AS one of the UK’s busiest ports, Hull has come a long way since the Second World War when it was referred to only as a “unnamed costal town” despite being hit harder than any other city outside of London during the Blitz.
Our port industry was hit, 95 per cent of our houses were destroyed or damaged, and more than 1,200 people were killed in air raids on the city. Becoming the UK City of Culture in 2017 put Hull on the map for all the right reasons, and in 2019 the scale of our ambition has not diminished.
The UK City of Culture 2017 was an inspirational year: one of building confidence, showcasing our city, changing people’s minds and laying foundations for the future.
The project will take Hull to the next level as a destination renowned for its maritime heritage and culture. Hull’s rich maritime story will take centre stage, creating a long-term legacy for decades to come. The city has already surpassed expectations and changed the perceptions of many by presenting as proud, brave, confident, and outward-looking, transformed by investment in culture, people and place.
Our connection with the sea has shaped our landscape and our culture; it touches every piece of our identity and shapes the way we see ourselves. Our fighting spirit, determination, and desire to resolve injustices has been evident through the ages, from William Wilberforce and his campaign to abolish the slave trade to the headscarf revolutionaries and their battle against the powerful establishment to change fishing safety laws.
The story of those women revolutionaries is quite extraordinary: their campaign started after the Triple Trawler disaster in 1968, when 58 fishermen based in the port lost their lives in three separate trawler sinkings in the space of less than a month.
Those women collected more than 10,000 signatures on a petition calling for reform, led protest meetings, and even came down to London to lobby politicians. Among the measures the campaign secured were safety checks before vessels left port, radio operators for all ships, improved safety equipment, and a mother ship with medical facilities for all fleets.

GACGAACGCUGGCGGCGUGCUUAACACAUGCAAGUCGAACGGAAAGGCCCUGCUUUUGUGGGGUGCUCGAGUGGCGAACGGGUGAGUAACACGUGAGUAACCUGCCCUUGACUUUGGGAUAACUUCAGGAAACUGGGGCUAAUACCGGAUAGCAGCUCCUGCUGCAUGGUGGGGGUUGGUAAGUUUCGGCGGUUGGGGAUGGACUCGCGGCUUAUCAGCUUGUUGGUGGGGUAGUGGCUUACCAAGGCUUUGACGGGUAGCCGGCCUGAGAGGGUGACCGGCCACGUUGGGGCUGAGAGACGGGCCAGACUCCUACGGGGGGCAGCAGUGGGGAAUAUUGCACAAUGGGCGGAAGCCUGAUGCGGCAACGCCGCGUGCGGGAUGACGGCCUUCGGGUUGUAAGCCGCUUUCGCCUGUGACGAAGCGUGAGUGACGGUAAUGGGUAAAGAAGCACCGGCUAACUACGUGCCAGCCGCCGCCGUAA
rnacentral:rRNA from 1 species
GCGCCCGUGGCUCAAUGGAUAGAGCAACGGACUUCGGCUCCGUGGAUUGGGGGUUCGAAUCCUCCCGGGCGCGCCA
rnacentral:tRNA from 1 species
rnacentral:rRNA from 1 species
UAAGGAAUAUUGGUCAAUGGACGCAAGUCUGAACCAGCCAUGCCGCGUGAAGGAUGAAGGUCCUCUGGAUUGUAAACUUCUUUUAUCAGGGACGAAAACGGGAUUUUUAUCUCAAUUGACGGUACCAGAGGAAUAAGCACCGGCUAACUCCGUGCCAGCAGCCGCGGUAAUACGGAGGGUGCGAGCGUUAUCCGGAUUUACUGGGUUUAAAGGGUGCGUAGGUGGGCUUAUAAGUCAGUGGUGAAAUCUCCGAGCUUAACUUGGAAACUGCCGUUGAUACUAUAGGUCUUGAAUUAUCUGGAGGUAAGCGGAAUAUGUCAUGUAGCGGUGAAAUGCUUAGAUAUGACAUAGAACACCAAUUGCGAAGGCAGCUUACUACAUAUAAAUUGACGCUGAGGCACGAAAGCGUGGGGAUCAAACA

Today, our connection to and affection for the sea continues to define Hull’s culture and economy. Maritime images dominated the City of Culture opening ceremony; The Deep aquarium remains one of our tourist hotspots; and thousands of people travel through our port each month to European cities such as Amsterdam or Zeebrugge, reflecting the European movement of the late 19th century, when trans-migrants made their way through Hull on their way to North America.
Our future economic prosperity remains tied to our future as a port and the green energy estuary – it often comes as a surprise when people learn that the Humber is Britain’s busiest trading estuary. Our maritime endeavours continue to this day.
The project is based around five key elements of our maritime heritage, which are Hull Maritime Museum, the Dock Office Chambers, the North End shipyard, and two ships: the Arctic Corsair, the sole survivor of Hull’s distant-water sidewinder trawler fleet, and the Spurn Lightship, which played a key role in Hull’s inland trade by guiding vessels as they navigated the Humber estuary. Both those ships will receive a full restoration, increased opening hours, a new interpretation and new displays, while the Arctic Corsair will also play host to a variety of training events and opportunities.
The extent of the renovation on the buildings is even more exciting. The project in the North End shipyard will commemorate how that site once contributed to Hull’s status as a global maritime port by housing the Arctic Corsair in a permanent dry berth. The Maritime Museum will receive an additional 390 square metres of museum space.
However, Hull: Yorkshire’s Maritime City will redefine the city for residents and visitors alike and transform the life chances of its citizens. Across the city, the project will promote ambition and civic pride and will benefit 150,000 people through informal learning and outreach programmes.
I ask Ministers to recognise the ambition of Hull City Council in supporting such a project, and to encourage the Department for Digital, Culture, Media and Sport to work with the council to deliver this ambitious and aspirational project.
Emma Hardy is Labour MP for Hull West and Hessle. She led a Commons debate on Hull’s Maritime City Bid – this is an edited version.